Tamba Hali should be the NFL pass rusher creating a shadow
By Matt Conner
James Harrison retired on Monday and the NFL is rightly singing his praises, but it also serves to show that Tamba Hali deserves much more fanfare.
The National Football League is abuzz on Monday morning about the career accomplishments of James Harrison after the longtime Pittsburgh Steelers linebacker announced his retirement. They should be. Harrison was a late bloomer in the league who turned into a dominating performer on a Super Bowl winner, a pass rusher who showcased his considerable skills under the brightest lights. There wasn’t an NFL fan who didn’t see James Harrison do James Harrison-like things.
That last line that not only highlights why everyone is serving up their own remembrances of Harrison’s career but it also reveals why another incredible pass rusher has yet to receive the same spotlight. When Harrison retires, the news cycle pauses and analysts left and right take turns fawning over his greatest moments—again, as they should, since Harrison was a truly great player. Will they treat Tamba Hali with the same reverence? We’d all like to believe so, but we also know the answer is “not likely.”
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At this point, Hali is a veteran free agent, set free this offseason by the Kansas City Chiefs after a couple disappointing seasons affected by injuries. Whether or not he will retire might hinge on whether or not he will catch on with another team. It’s likely a decision we won’t hear until next August, when Hali will likely receive any/all offers from potential franchises. If those offers are not there, however, and he’s ready to call it quits, here’s hoping the NFL will sound a trumpet just as loud as they are currently for Harrison.
Harrison’s numbers deserve plenty of fanfare, but Hali deserves an equal share of the spotlight. Harrison retired with 84.5 sacks in his career, while Hali has 5 more than that in three fewer seasons (15 to 12). Hali also has just 1 fewer forced fumble (33) than Harrison (34). Harrison holds a significant edge in passes defended (26 to 16) and defensive touchdowns (9 to 3), all of which is a result of the Steelers dropping Harrison into coverage at a much higher rate than Hali over his career.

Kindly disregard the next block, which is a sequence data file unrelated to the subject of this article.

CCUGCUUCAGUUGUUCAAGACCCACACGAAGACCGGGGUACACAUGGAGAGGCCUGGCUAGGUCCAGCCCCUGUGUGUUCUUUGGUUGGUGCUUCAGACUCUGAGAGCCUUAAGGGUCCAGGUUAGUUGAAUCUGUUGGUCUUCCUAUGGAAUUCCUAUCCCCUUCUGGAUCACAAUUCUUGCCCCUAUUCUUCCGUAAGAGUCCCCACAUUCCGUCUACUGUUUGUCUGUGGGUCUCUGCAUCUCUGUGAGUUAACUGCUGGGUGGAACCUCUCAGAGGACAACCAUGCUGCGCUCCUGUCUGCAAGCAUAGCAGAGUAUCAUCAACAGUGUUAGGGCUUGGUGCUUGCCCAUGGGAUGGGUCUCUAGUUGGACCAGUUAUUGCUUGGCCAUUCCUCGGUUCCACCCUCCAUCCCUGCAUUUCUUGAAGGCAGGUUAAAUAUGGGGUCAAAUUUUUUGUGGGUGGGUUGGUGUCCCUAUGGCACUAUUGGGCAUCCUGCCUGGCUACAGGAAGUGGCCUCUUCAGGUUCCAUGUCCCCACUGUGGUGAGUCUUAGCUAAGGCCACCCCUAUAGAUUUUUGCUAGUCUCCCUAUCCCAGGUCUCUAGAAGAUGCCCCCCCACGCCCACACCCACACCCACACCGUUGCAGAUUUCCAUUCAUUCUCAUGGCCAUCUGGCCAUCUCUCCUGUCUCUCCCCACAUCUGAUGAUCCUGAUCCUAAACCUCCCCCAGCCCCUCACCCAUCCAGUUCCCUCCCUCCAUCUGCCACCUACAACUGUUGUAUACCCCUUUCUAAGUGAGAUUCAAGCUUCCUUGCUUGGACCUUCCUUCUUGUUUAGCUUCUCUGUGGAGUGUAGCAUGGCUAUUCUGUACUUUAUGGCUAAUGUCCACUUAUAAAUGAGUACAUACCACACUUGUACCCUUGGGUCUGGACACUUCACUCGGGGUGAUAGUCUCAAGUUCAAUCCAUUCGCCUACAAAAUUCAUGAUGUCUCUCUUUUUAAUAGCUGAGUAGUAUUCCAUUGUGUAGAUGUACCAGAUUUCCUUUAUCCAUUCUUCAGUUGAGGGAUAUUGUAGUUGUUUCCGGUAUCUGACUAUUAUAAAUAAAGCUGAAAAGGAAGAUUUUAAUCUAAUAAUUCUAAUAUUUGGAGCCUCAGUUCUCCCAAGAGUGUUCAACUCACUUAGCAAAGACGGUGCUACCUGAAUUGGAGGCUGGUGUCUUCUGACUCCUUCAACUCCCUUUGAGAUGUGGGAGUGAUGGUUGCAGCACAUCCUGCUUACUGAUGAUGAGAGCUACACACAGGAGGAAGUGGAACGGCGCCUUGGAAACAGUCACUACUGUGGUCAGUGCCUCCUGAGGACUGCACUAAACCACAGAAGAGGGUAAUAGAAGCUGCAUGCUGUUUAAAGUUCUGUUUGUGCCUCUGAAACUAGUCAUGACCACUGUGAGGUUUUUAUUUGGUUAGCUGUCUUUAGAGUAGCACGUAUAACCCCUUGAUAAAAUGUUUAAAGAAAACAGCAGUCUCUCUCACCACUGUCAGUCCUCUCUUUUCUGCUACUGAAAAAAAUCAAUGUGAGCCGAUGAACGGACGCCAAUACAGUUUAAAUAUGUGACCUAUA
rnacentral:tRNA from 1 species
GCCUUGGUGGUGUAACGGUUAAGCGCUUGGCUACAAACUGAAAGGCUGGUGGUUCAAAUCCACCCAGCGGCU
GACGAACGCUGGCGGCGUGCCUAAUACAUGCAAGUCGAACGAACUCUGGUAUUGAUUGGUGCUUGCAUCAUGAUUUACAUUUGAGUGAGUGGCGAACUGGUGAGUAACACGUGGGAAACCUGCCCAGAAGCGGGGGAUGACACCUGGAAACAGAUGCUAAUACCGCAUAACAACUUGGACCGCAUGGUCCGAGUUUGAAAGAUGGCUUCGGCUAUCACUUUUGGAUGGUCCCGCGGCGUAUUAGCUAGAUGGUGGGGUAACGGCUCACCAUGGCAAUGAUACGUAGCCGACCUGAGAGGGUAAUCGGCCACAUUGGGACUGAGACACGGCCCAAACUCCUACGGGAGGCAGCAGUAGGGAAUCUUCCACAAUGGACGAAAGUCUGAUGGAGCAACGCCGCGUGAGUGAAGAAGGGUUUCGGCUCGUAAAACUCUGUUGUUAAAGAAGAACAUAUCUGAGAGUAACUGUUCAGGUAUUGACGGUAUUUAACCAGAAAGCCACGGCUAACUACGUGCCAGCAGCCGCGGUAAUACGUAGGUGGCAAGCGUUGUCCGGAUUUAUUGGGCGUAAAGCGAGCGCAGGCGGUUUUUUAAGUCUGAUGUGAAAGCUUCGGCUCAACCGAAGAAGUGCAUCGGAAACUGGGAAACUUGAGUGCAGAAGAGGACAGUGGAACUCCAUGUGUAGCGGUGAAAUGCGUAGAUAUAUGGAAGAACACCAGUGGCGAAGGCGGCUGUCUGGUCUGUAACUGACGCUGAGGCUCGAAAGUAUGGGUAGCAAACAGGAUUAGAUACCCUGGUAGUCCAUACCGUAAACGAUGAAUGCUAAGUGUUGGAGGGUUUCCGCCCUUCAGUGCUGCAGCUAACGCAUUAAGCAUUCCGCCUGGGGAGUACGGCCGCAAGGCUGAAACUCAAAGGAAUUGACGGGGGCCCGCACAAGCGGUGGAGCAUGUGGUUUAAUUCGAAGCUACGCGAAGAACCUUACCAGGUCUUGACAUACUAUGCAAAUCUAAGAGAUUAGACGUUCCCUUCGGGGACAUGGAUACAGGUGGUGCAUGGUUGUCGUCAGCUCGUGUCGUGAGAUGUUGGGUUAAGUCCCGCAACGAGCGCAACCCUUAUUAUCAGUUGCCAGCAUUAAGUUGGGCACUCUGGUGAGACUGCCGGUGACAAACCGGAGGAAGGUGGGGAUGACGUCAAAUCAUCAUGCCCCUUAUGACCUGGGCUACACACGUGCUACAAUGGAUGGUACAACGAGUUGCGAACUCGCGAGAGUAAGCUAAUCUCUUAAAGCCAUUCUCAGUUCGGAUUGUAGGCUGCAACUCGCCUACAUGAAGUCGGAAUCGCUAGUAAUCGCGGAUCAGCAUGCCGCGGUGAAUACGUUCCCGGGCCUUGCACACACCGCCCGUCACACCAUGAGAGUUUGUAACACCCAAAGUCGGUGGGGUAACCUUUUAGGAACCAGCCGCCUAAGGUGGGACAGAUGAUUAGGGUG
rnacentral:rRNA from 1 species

A closer look at the splits of each player shows that Hali turned on the juice down the stretch, with 27 of his career sacks coming in the month of December, the highest of any single month, whereas Harrison enjoyed his strongest months in November and October. A sack is a sack no matter when it comes and that’s not to downplay the value of anything Harrison did, but it does serve to show that Hali came on stronger as the season wore on and that 16 games typically separates the good from the great.
If anything, the lack of postseason wins is what will keep Hali from enjoying the same league-wide farewell in the end. Hali came on strong in December, but was hardly ever able to continue that momentum into January, while Harrison has an entire highlight reel of plays made in the playoffs. Here’s hoping Hali gets his due outside of Chiefs Kingdom, but if nothing else, those on the inside will know and remember that he was truly the class of the NFL.